Communion is a way of being fed by God – a way of being recharged by God – a way of being filled up by the Holy Spirit. Unplugging is another way – it is a way you do it pretty much by yourself, and communion is something we do with others, but the being recharged is very similar.
Unplugging can mean a lot of different things, but it’s important to learn what it means for you so you can just stop, and listen to and talk to God. Some of us like to do this while we are moving – walking, running, riding a bike, swimming, or maybe even doing yoga. Some of us do this by just sitting still – strange as that sounds to me, it’s true. Some of us can unplug by doing art, or playing music and still some by reading the Bible. None of these is better, and none of these is wrong and it is NOT a complete list.
When you take this time to unplug, and then when you plug back in, it’s like you get to see your life like it’s all shiny and new. You remember how much fun you have playing with your friends and how great it is to have dinner with your family and how nice a warm bath feels at the end of the day. Unplugging helps you remember all the blessings God has given you, it helps you to remember to tell God thank you and helps you be the person God put you here to be.


PDA Mission Trip #29 (New Bern, NC): Day 5

Day Five – Time for Some Reflecting!

Today we start on a serious note. All the work that we are putting our hearts and hands into is to restore the home of Ms. O. She is 62 years old, uses a wheelchair, and was denied monetary assistance to repair her home four times. The title of her home was in her son’s name not in her’s, because he was supposed to outlive her. But that wasn’t God’s plan. Without her name on the title, she couldn’t quality for financial assistance. Thank goodness for the reasonableness of the Craven County Disaster Recovery Alliance, and their willingness to take on her case. Her son is buried across the street from her home, and she finds comfort in being able to see this place of rest.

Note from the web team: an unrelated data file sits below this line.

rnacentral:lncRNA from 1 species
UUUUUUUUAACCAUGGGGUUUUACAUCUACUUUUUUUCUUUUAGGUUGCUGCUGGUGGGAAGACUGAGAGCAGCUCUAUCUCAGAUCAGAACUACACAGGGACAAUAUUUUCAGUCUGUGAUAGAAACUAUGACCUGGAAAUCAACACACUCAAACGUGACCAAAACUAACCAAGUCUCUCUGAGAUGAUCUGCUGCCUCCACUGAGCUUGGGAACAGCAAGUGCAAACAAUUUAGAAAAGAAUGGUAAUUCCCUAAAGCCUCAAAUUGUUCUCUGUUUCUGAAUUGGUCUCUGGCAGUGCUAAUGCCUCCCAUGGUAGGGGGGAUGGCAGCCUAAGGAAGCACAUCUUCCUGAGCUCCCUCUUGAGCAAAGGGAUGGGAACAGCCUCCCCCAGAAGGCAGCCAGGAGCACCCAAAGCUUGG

Our own Laura Wilson penned these thoughts after she and Abby visited the grave.

Draped through the pine trees, and brush, the lavender wisteria perfumed the drifting air.

Sun filtered through the glen, and lit the raised concrete sarcophagus adorned in weathered plastic flowers, and inscripted with family fingerprints.

The young man’s photograph gazed from the tomb to his home across the street from where his mother had kept watch.

Destroyed in silence by storm and flood, the home was now alive with sounds of workers, hammers, and saws – breaking through the past, disturbing the quiet – to open doors and windows to new life.”
Tonight, we also remembered Bob Wasik, on this, the first-year anniversary of his passing. We were privileged to share a zoom memorial with his wife Mary, other family members, and a few close friends. Bob and Mary had organized so many of our previous mission trips. They swelled our volunteer GPC roster with several friends and family members. One of our devoted cooks, Ella, is Bob’s cousin. Mary said that with all the wonderful vacations they shared together, Bob always relished the mission trips more. And we relished him right back. We all have our warm and wonderful memories of Bob that lighten our hearts and still brighten our work trips.
Lifted up by those warm memories, we pack our bags tonight and get ready for our final half-day of work tomorrow. I bid you good night with this cliffhanger…will Fletcher finish the kitchen countertop, will Jerry and Lucille finish putting down flooring in the hallway, will Laura finish the mudding in the purple-walled bathroom, will Mary Beth and Lisa finish painting the doors, will Carl complete the railing on the front ramp, and will the hole in the master bath get repaired? Keep positive thoughts for us faithful blog followers…please, keep positive thoughts.


PDA Mission Trip #29 (New Bern, NC): Day 4